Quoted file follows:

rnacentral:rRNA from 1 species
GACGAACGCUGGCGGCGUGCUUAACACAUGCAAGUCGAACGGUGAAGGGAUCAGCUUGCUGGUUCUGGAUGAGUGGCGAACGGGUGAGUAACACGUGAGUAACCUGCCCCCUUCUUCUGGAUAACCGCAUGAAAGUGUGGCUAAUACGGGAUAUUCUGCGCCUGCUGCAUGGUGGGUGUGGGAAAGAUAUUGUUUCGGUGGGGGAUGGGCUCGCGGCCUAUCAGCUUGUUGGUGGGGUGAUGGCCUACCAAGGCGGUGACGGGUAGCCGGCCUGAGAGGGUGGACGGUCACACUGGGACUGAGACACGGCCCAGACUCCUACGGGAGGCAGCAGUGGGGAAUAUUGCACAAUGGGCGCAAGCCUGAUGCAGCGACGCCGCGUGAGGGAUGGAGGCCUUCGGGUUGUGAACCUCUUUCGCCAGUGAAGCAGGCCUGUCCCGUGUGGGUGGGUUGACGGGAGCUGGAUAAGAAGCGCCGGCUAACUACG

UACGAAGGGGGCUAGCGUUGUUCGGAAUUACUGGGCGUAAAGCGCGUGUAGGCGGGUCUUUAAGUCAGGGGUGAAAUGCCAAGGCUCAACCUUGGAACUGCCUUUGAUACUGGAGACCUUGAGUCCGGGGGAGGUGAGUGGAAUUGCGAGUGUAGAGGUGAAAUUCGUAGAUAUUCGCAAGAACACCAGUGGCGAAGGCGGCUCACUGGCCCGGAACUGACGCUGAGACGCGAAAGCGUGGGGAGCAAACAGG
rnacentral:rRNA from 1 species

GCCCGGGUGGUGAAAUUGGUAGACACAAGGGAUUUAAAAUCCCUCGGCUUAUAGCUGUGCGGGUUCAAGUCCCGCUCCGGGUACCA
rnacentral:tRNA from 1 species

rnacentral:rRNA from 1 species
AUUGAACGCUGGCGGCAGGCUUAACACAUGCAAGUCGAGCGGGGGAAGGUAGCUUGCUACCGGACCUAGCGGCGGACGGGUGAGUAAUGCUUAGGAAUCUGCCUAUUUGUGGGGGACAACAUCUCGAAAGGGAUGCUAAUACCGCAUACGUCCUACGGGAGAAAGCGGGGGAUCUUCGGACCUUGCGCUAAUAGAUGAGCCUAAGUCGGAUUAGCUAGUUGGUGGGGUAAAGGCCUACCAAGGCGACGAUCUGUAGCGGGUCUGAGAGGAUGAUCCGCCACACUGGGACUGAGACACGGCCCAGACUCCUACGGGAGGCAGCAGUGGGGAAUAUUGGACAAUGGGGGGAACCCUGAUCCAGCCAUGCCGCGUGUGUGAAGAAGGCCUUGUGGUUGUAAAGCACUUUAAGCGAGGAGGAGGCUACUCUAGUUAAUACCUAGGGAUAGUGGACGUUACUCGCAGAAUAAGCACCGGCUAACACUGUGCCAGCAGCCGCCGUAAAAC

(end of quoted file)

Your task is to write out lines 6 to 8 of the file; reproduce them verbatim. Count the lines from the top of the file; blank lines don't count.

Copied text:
rnacentral:tRNA from 1 species

rnacentral:rRNA from 1 species
AUUGAACGCUGGCGGCAGGCUUAACACAUGCAAGUCGAGCGGGGGAAGGUAGCUUGCUACCGGACCUAGCGGCGGACGGGUGAGUAAUGCUUAGGAAUCUGCCUAUUUGUGGGGGACAACAUCUCGAAAGGGAUGCUAAUACCGCAUACGUCCUACGGGAGAAAGCGGGGGAUCUUCGGACCUUGCGCUAAUAGAUGAGCCUAAGUCGGAUUAGCUAGUUGGUGGGGUAAAGGCCUACCAAGGCGACGAUCUGUAGCGGGUCUGAGAGGAUGAUCCGCCACACUGGGACUGAGACACGGCCCAGACUCCUACGGGAGGCAGCAGUGGGGAAUAUUGGACAAUGGGGGGAACCCUGAUCCAGCCAUGCCGCGUGUGUGAAGAAGGCCUUGUGGUUGUAAAGCACUUUAAGCGAGGAGGAGGCUACUCUAGUUAAUACCUAGGGAUAGUGGACGUUACUCGCAGAAUAAGCACCGGCUAACACUGUGCCAGCAGCCGCCGUAAAAC